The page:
Pao said she joined a team that ranged from five to fifteen people who supported Doerr, a cohort insiders at KPCB called “Team JD.” Though others on the team performed similar duties, Pao said she was given a lesser title. She also claimed that a male partner for whom she advocated to join the team was promoted over her despite having insufficient experience.
Pao also delved into her accusations against former partner Ajit Nazre, who she says coerced her into having an affair. Pao decided to bring her suit against Kleiner in 2012, she testified, in part because of partner Trae Vassallo’s claim of sexual harassment against Nazre, who left the firm in 2012 and is not named as a defendant in Pao’s case. She also suspected him in incidents of sexual harassment involving three administrative assistants and testified that Juliet de Baubigny, the firm’s head of human resources, told her she thought Nazre “was a sex addict.”
Nazre began pursuing her around February 2006, but she told him he wasn’t interested and that he should seek counseling if he was having problems in his marriage, Pao said. But Nazre continued to pursue Pao, she said. “He was relentless. Eventually, he told me his wife had left him,” she said on the witness stand.
After an on-and-off relationship that lasted for about six months, she found out that he had lied to her about leaving his wife. “I ended it, permanently,” she testified. “I was furious. I felt manipulated and deceived.”
After she ended the relationship, she said, Nazre began cutting her out of email threads and not inviting her to meetings. Pao and Nazre both worked on Kleiner Perkins’ team focused on investing in so-called “green tech.” Despite the conflict, Pao believed that she and Nazre could move forward and have a good working relationship. After Doerr caught wind of their relationship and breakup, he wanted to punish Nazre by firing him, she testified. But Pao fought for Nazre to stay, believing that he was a more productive employee than other partners.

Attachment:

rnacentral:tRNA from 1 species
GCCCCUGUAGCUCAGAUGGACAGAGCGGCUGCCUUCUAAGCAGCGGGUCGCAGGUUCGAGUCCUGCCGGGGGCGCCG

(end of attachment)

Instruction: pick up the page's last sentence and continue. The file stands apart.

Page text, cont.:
Even then, by 2007, Pao testified she was ready to leave the firm because she was unhappy with the company culture, especially in its dealings with entrepreneurs. She brought up her concerns in a company memo in which she suggested that the firm change its ways: “Don’t be an asshole,” she wrote.
A Better Place
But Pao ultimately decided to stay at Kleiner Perkins, largely because she was convinced Doerr would address her complaints regarding the company’s problematic culture. “I thought John was being genuine about my concerns, and that he would be able to move us forward,” she testified. “I thought the firm would be a better place.”
In 2009, Pao testified that she wrote a self-review that mentioned her problems with Ajit Nazre once more. “I continued to bring up the issues and Kleiner Perkins continued to do nothing,” she said. Eventually, Doerr asked her to revise this review because he thought it was, in Pao’s words, “too self-promotional.”
Pao never heard that the partners were dissatisfied with her work performance up until the first half of 2011, she testified. But by 2012, the year she filed a written complaint, her relationships with all the managing partners—including her mentor, Doerr—had soured.